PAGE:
I don’t even know if I can call that a Slap Chop.  If that’s what it is, it’s a very early version.  It definitely works, but that’s where the manual labor comes in for my little twist on the bars.  Put the pecans, oats, dried cranberries, and apples all through the Slap Chop treatment.  Do this little bits at a time because the Slap Chop doesn’t do a ton at once.  You might need to pick the dried cranberries off the blade every once in a while.  Once chopped, mix all the ingredients in a large bowl.

3.  Add the salt, cinnamon, and honey to the bowl of chopped dry ingredients.  The original recipe didn’t have honey.  My thought is that with a real food processor, the cranberries (or dates as it calls for instead) would be gummy and the apples would be chopped much more and their juices with the gumminess would act as the sticky factor that keeps these bars together.  That’s why I added honey to mine and it worked out really well.

4.  Line a deep 8×8 square baking dish with tin foil and spray the foil with Pam.  Leave extra foil out the sides to use as handles when the bars are done and you take them out.  Put the yummy gooey mixture in the baking dish and use a spatula to press it all down tight and flat.  Pop it in the oven for 20 minutes.  The recipe says 20 minutes, so I would at least check them then if I were you, but I reverted back to my old ways and totally forgot they were in there.  Mine got an extra 10 minutes and they were still perfect.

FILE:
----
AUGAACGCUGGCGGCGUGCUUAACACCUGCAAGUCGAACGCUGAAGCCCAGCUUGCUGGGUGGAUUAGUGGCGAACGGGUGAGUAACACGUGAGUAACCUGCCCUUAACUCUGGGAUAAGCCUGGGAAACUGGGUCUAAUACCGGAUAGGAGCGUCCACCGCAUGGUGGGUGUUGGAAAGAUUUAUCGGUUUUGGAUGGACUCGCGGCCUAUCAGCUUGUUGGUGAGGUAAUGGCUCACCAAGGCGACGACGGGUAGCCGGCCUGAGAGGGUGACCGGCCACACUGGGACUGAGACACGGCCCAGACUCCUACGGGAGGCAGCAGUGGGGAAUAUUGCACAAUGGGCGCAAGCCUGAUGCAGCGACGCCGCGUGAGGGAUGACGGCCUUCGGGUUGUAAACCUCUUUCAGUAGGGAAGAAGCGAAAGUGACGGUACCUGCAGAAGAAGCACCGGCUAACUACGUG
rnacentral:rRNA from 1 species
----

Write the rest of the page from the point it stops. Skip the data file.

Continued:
Let them completely cool before taking them out of the baking dish and cutting them into bars so that they definitely set and keep their shape.  I cut mine into 8 bars, but they’re pretty big and I think next time I’ll cut them into 10.  Wrap them individually in plastic wrap and keep them in the refrigerator.  They’re a great little post run or snack time treat!

Race Day/Weekend Recap: Dash to the Finish 5K

This past weekend I got to be part of an incredible series of events: New York City Marathon Weekend.  Growing up right next door in New Jersey made the marathon completely accesible to my family and me for spectating the three times that my dad ran it.  I specifically remember standing at mile 15 in a crowd at least 10 people deep that was going crazy encouraging the runners as they went by.  Everyone in the crowd wanted to know who the person next to them was cheering for so that they could join in the noise and celebration.  I was still a small kid and wiggled my way to the front and when my dad came by, everyone around yelled his name to help get his attention.  He ran toward the side and gave my mom, brother, sister, and me hugs and smiles before continuing on.  I remember being so proud and excited for him, and the enormous crowds that lined 26.2 miles really shows how special the running community is.  Though I was not in the marathon, being an elite participant in the Dash to the Finish 5K the morning before allowed me to become part of the experience.  New York Road Runners hosted an amazing weekend. 

Settling In